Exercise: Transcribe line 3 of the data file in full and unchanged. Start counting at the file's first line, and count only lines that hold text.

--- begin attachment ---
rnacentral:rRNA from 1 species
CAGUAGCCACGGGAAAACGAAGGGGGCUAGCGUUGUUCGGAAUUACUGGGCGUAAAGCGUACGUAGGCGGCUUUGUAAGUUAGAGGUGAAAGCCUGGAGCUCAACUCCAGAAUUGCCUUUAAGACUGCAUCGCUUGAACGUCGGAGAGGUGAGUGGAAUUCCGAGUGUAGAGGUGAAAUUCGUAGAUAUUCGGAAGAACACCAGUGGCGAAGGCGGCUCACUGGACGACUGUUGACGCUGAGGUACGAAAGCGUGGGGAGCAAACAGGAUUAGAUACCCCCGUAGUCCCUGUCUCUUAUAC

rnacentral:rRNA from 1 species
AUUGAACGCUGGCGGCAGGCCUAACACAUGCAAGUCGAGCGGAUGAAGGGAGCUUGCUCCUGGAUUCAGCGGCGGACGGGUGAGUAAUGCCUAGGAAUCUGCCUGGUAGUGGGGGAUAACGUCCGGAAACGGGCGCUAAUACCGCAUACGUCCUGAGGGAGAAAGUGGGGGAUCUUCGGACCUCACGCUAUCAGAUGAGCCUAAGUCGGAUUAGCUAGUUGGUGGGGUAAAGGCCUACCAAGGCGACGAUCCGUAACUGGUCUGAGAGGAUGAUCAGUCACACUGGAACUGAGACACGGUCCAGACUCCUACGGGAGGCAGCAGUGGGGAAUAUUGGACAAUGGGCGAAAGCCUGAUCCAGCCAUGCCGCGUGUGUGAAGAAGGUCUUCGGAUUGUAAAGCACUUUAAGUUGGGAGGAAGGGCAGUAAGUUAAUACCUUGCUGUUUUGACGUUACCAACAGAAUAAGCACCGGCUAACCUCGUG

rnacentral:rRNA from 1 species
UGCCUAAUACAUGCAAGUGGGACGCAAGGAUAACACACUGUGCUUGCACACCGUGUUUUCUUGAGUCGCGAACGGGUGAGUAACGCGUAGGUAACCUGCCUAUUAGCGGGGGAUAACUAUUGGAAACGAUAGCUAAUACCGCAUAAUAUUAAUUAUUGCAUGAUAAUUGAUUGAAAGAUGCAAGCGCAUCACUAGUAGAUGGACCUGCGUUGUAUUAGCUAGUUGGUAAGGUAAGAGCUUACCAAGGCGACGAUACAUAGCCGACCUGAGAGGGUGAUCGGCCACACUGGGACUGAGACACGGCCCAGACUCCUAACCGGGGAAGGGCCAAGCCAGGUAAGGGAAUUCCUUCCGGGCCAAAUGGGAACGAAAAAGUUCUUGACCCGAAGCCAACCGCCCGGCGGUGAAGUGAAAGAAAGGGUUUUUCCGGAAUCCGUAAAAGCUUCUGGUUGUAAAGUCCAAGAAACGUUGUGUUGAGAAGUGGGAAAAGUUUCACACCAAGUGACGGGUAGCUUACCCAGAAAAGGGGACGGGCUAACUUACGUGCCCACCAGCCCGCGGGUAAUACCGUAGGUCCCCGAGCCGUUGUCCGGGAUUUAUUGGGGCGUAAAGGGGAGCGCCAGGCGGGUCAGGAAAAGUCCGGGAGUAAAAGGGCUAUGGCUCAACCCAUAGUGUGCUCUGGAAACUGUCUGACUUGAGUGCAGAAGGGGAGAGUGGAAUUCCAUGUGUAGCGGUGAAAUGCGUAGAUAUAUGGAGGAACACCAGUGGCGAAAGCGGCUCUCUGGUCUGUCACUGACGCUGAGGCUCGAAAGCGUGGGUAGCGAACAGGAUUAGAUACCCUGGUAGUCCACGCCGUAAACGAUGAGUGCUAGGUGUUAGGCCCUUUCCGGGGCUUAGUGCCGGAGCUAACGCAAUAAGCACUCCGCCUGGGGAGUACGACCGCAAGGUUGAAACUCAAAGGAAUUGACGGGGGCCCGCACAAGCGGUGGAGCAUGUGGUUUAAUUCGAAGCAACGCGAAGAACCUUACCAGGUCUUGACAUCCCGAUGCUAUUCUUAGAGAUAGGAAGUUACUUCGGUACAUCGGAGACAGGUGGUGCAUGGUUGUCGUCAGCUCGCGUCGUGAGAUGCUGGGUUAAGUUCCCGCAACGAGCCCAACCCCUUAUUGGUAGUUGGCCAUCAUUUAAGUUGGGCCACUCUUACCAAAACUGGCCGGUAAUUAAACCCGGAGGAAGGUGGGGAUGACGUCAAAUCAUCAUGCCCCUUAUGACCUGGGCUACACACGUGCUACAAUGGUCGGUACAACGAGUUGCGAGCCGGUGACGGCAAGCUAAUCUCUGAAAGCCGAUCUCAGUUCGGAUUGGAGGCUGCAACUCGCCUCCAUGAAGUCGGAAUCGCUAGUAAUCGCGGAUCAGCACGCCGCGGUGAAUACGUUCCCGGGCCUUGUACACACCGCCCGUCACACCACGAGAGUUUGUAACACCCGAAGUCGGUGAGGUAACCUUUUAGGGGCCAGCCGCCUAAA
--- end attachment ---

rnacentral:rRNA from 1 species